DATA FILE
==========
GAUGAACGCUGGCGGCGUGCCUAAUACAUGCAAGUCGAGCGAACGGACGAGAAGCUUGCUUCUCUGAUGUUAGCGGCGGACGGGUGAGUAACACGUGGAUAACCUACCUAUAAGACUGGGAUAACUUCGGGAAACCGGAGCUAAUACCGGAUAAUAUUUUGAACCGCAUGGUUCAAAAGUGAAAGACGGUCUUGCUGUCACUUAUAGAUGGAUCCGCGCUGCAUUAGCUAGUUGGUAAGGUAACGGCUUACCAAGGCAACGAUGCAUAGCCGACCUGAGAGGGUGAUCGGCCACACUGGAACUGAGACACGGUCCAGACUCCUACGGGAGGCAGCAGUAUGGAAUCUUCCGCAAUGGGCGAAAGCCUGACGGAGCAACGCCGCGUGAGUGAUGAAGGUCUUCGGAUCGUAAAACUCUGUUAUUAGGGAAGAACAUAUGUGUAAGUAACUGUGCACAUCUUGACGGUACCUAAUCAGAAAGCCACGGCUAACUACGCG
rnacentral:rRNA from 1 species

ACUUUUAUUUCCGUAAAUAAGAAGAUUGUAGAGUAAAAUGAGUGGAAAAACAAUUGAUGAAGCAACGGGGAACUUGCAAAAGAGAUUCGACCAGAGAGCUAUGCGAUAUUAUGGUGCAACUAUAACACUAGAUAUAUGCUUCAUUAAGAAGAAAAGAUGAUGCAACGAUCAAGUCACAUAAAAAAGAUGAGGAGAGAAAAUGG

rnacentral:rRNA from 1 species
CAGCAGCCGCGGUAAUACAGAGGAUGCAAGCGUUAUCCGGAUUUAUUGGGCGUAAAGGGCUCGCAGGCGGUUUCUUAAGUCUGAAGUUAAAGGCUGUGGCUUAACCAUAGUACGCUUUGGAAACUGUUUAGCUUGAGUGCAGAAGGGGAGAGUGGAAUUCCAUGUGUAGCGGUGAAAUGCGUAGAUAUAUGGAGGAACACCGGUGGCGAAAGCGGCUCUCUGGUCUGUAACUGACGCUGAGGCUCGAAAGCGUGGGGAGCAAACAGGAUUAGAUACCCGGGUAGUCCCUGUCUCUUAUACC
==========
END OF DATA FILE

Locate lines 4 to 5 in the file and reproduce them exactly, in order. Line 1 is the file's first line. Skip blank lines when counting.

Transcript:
rnacentral:rRNA from 1 species
CAGCAGCCGCGGUAAUACAGAGGAUGCAAGCGUUAUCCGGAUUUAUUGGGCGUAAAGGGCUCGCAGGCGGUUUCUUAAGUCUGAAGUUAAAGGCUGUGGCUUAACCAUAGUACGCUUUGGAAACUGUUUAGCUUGAGUGCAGAAGGGGAGAGUGGAAUUCCAUGUGUAGCGGUGAAAUGCGUAGAUAUAUGGAGGAACACCGGUGGCGAAAGCGGCUCUCUGGUCUGUAACUGACGCUGAGGCUCGAAAGCGUGGGGAGCAAACAGGAUUAGAUACCCGGGUAGUCCCUGUCUCUUAUACC